As seen in real world data released from the Israel Ministry of Health, vaccine efficacy in preventing both infection and symptomatic disease has declined six months post-vaccination, although efficacy in preventing serious illnesses remains high. Additionally, during this period the Delta variant is becoming the dominant variant in Israel as well as many other countries. These findings are consistent with an ongoing analysis from the Companies’ Phase 3 study. That is why we have said, and we continue to believe that it is likely, based on the totality of the data we have to date, that a third dose may be needed within 6 to 12 months after full vaccination. While protection against severe disease remained high across the full 6 months, a decline in efficacy against symptomatic disease over time and the continued emergence of variants are expected. Based on the totality of the data they have to date, Pfizer and BioNTech believe that a third dose may be beneficial to maintain the highest levels of protection.

AUTHORIZED USE IN THE U.S.:

The Pfizer-BioNTech COVID19 Vaccine is authorized for use under an Emergency Use Authorization (EUA) for active immunization to prevent coronavirus disease 2019 (COVID-19) caused by severe acute respiratory syndrome coronavirus 2 (SARS-CoV-2) in individuals 12 years of age and older.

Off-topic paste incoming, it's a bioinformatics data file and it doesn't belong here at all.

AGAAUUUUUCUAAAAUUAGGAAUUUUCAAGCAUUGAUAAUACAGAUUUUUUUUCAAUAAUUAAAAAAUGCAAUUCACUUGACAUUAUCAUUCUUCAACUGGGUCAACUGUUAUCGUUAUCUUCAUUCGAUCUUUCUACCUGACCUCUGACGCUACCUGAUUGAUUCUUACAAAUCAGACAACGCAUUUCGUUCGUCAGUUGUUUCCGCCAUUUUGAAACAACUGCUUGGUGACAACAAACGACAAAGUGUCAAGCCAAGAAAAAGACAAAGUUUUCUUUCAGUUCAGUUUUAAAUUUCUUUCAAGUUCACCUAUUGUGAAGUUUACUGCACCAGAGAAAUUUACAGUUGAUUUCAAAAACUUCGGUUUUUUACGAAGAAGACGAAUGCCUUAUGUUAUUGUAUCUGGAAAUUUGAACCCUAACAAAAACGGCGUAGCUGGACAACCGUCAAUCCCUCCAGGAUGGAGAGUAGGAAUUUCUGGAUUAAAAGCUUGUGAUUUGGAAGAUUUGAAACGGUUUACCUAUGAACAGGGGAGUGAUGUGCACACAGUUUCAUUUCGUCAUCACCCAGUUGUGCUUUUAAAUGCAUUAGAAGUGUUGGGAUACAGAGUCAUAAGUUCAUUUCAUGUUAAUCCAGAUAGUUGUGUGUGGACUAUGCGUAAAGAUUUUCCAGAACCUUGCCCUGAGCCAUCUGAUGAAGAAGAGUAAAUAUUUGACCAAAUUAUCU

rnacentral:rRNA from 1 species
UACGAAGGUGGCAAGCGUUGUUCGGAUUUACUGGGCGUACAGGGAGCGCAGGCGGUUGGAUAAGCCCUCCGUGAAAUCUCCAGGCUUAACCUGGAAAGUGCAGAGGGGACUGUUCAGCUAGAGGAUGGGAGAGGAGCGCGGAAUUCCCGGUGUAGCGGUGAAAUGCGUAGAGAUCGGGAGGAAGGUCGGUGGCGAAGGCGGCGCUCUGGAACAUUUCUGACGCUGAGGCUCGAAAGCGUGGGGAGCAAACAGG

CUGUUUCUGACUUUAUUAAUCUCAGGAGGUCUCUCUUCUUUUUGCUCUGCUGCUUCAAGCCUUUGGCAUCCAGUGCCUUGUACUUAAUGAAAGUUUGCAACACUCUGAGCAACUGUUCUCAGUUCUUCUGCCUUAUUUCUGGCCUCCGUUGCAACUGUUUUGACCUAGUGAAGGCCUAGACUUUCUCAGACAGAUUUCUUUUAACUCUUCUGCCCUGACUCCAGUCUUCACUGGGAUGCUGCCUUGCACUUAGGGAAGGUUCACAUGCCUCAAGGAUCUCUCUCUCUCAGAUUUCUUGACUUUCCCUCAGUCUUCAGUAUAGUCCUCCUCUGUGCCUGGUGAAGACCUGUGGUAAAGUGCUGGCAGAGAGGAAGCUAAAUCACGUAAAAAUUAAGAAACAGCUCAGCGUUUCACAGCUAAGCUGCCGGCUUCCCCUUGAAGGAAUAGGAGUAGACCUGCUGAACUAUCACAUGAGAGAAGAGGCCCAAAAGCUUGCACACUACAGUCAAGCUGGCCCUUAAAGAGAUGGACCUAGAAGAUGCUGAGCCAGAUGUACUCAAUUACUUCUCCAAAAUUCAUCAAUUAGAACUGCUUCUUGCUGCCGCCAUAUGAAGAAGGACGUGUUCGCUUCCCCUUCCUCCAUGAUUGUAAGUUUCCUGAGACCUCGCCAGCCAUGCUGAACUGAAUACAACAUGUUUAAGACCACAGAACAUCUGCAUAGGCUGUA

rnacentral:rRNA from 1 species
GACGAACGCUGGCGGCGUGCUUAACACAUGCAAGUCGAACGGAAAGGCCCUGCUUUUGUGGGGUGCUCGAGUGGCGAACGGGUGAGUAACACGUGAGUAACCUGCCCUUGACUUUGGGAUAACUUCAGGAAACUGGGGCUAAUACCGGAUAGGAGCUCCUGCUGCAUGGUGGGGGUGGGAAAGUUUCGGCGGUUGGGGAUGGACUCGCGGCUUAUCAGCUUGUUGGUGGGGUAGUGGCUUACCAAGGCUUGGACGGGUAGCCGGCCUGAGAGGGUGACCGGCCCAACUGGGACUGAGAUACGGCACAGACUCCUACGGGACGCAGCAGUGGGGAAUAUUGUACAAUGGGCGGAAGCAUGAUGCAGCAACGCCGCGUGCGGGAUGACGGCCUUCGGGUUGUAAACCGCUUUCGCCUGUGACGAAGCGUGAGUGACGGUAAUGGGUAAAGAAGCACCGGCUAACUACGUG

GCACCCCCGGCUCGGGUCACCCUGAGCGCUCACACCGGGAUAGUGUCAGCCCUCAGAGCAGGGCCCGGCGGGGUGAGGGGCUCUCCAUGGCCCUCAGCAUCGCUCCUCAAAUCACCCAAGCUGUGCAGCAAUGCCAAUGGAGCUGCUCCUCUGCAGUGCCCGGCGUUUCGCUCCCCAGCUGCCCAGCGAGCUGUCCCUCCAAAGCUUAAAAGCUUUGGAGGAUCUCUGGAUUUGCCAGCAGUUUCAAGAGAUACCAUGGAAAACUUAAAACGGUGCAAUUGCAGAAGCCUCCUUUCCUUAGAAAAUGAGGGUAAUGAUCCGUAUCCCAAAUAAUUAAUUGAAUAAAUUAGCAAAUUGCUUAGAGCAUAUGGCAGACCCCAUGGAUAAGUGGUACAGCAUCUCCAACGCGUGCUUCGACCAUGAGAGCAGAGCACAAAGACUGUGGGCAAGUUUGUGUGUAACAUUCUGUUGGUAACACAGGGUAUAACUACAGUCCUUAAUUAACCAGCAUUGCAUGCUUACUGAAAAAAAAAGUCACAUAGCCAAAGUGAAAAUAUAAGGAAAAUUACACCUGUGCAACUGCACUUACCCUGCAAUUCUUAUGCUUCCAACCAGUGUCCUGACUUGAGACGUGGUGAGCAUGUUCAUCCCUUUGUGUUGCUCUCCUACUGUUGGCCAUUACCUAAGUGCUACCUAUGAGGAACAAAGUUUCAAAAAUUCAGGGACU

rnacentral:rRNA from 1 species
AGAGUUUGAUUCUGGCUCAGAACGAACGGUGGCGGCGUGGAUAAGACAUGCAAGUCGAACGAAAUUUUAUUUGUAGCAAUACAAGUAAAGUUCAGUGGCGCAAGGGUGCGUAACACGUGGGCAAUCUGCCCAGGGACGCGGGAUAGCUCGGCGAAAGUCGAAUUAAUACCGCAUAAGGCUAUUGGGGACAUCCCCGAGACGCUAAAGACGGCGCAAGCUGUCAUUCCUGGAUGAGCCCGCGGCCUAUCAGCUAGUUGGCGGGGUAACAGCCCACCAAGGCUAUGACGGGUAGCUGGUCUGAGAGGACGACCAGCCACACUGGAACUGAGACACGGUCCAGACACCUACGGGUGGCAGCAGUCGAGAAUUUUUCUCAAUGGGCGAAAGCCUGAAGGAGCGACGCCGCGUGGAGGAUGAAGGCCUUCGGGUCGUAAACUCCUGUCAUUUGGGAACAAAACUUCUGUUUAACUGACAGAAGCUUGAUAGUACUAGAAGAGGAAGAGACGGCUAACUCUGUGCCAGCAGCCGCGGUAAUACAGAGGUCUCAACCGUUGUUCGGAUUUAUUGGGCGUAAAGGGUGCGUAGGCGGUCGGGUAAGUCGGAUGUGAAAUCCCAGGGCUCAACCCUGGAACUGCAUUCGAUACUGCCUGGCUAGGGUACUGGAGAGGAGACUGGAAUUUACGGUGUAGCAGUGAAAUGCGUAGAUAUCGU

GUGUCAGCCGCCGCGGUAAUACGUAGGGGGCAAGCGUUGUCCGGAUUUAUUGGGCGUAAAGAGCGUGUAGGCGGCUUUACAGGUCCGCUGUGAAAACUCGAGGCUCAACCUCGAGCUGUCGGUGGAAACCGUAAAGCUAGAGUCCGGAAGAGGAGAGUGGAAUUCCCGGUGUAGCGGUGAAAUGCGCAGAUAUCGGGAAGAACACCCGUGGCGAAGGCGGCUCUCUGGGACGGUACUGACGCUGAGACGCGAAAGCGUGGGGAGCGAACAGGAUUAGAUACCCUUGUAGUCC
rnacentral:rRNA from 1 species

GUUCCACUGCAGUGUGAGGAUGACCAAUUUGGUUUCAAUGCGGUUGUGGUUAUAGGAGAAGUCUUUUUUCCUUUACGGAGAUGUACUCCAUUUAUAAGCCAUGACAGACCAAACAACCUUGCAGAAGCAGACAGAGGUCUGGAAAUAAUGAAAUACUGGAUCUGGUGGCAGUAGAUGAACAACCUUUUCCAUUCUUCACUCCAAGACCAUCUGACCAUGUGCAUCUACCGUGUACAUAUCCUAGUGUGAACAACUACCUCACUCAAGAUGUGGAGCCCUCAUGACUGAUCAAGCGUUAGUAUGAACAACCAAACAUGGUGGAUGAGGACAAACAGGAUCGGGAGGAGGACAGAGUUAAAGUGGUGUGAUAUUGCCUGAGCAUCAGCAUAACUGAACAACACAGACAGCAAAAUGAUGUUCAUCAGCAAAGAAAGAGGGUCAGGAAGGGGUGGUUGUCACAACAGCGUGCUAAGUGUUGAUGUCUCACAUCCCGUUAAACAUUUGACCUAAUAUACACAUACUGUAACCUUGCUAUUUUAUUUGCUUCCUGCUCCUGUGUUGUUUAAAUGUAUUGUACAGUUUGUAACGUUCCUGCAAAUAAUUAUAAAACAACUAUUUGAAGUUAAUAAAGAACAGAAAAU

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Continue to read the Important Safety Information

Crème Fraiche Loaf

Ingredients

Pre-ferment Dough

245 g bread flour
140 g water
7 g fresh yeast
3.5 g sea salt
7 g skimmed milk powder

Dough

105 g bread flour
87.5 g water
3.5 g sea salt
3.5 g fresh yeast
34.5 g sugar
70 g crème fraiche

Method

  1. Dissolve the yeast in water first. Add flour, salt and milk powder. Knead until smooth. Cover with cling film. Refrigerate for 17 hours. The dough lasts well in the fridge for 72 hours.
  2. Cut the pre-ferment dough into pieces.
  3. Mix the dough ingredients with the cut-up pre-ferment pieces. Knead until stretchable into a thin film without breaking or sticking to the bowl.
  4. Roll the dough into a ball. Cover with plastic wrap and let it proof for 30 minutes.
  5. Cut the dough into 3 equal parts. Press out the trapped air. Roll each piece of dough into a long strand. Leave it to rest for 20 minutes.
  6. Roll the dough out into a thin rectangle. Fold both sides toward centre. Roll it flat again until the width of the dough is roughly of the same length as the loaf pan. Roll it up and put into a loaf pan. Cover with plastic wrap.
  7. Leave the dough in the pan for 30 to 45 minutes until the dough expands to fill up to 90% of the loaf pan. Optionally, brush egg wash on the dough.
  8. Bake in a preheated oven at 180°C for 30 to 35 minutes until golden.

Makes 1 loaf.

Source: Devoted to Bread-making